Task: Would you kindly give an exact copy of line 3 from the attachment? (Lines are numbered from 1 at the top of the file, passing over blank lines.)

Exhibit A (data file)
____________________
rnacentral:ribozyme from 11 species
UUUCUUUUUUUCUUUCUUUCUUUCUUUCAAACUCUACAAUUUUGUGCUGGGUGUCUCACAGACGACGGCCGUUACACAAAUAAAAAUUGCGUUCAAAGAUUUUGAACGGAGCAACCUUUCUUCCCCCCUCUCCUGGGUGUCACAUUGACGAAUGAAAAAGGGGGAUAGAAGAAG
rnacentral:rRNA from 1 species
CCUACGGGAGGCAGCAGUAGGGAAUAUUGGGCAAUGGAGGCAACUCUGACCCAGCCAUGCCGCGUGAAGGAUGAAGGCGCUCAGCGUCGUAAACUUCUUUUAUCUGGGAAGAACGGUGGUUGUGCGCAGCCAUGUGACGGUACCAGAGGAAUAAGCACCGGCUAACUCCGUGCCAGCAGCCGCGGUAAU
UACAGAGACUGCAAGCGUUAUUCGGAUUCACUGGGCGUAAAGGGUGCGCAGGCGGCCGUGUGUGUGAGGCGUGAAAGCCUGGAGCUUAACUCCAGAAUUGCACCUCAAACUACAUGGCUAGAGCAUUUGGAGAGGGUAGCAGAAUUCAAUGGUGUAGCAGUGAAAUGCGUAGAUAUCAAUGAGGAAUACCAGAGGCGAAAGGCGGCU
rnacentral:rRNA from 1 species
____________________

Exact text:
rnacentral:rRNA from 1 species